Aside from the fact that the world seems to be moving away from perfect candidates who have no blemishes, as we saw in USA with President Trump and UK with Boris Johnson, since Nigeria returned to democracy, we have witnessed the evolution of a portion of our judicial system which is always ready to dish out conflicting court orders and judgements to further confuse issues instead of settling them, so much so that, proper outcomes are never achieved. However, this time around, the Chief Justice of Nigeria, Honourable Justice Olukayode Ariwoola GCON has issued a stern warning to the Judges who will be hearing election petition matters in 2023, urging them to discharge their duties diligently and honestly according to the law, stating clearly that he will not tolerate any acts of recklessness. This is a step in the right direction.
Nevertheless, with the kind of debates we have watched, and the various allegations that we have heard about the different candidates, it is crystal clear that many of our candidates are nothing like “Mother Theresa”. Furthermore, we cannot deny the fact that the provisions for disqualifications from elective offices in the Constitution (Sections 66, 137 & 182) are scanty and grossly inadequate, and certainly need amendment or outright redrafting, as so many troubling scenarios which the drafters of the Constitution obviously may not have envisaged or contemplated, have arisen over the years.
But, whether provisions like Section 137(1)(d) or (j) can be successfully invoked against any of the Presidential candidates, or Section 182 (1)(d), (j) or even (h) against a Gubernatorial candidate for example, is left to be seen. I am certainly not holding my breath.
To be able to maintain an action against anyone, the Plaintiff must show that he/she has locus standi, that is, the legal standing or place to institute proceedings. So, the fact that an individual has a grouse or dirt against a candidate, or a candidate has made false averments on his/her INEC Form, does not automatically give just anyone the right to sue that candidate. In Senator Abraham Adesanya v President of the Federal Republic of Nigeria & Anor 1981 5 S.C. Page 112 at 148 per Bello JSC (as he then was), the Supreme Court defined locus standi as “the right of a party to appear and be heard on the question before any Court or Tribunal”. Interestingly, in this case, Obaseki JSC went on to state that “The fundamental aspect of locus standi is that it focuses on the party seeking to get his complaint before the High Court, not on the issues he wishes to have adjudicated”. It is trite law it is the Plaintiff’s statement of claim that is examined to determine that a cause of action vested in the Plaintiff is disclosed, and he/she has the requisite locus standi to bring the action.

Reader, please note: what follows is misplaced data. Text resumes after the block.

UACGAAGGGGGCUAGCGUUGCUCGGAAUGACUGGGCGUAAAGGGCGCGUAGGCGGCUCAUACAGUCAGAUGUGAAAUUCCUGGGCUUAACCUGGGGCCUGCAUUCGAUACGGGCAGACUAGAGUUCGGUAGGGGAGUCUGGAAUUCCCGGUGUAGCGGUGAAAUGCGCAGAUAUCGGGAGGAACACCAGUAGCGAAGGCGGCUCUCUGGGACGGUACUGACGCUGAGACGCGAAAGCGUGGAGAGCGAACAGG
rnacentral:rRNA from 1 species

In Oghenovo & Anor v Governor of Delta State & Anor (2022) LPELR-58062(SC) per Saulawa JSC, the Apex Court held that “for a person to have a standing to institute an action in a Court or Tribunal, he must show (i) that the challenged conduct has caused actual injury thereto; and (ii) that the interest sought to be protected is within the ambit of the provisions of the Constitution or law”. In Re Ijelu (1992) LPELR-1464(SC) the Supreme Court held that the Plaintiff has to have special interest; “that the interest is not vague, or intangible, supposed or speculative, or that it is not an interest which he shares with other members of society….that such interest has been adversely affected by the act or omission whichever he seeks to challenge”.
My point? Many of those who may be instituting proceedings against candidates for one reason or the other, do not have the locus standi to maintain such actions. They do not have a special interest which has been adversely affected by the actions or averments of the candidates. Some of the issues qualify as pre-election matters, and Section 285(24) of the Constitution only makes mention of aspirants and political parties, as potential Plaintiffs in such matters, and not every concerned member of the public or NGO. The argument is that if an aspirant presents forged documentation or makes false averments on his/her INEC form for example, those persons directly affected by this would be the people contesting for the same position in his/her own political party or rival parties.
The sum and substance of my submissions is that, as things stand, the average man or Lawyer on the street cannot hold a candidate accountable in court for any alleged wrongdoing, because of his/her lack of locus standi – a public, general interest does not suffice; there has to be a personal interest that has been adversely affected by that wrongdoing. It seems that all disgruntled people can do, is shout themselves hoarse, feeling outraged while they watch campaign spokespersons tell blatant lies and even turn the law on its head, in order to whitewash their Principals.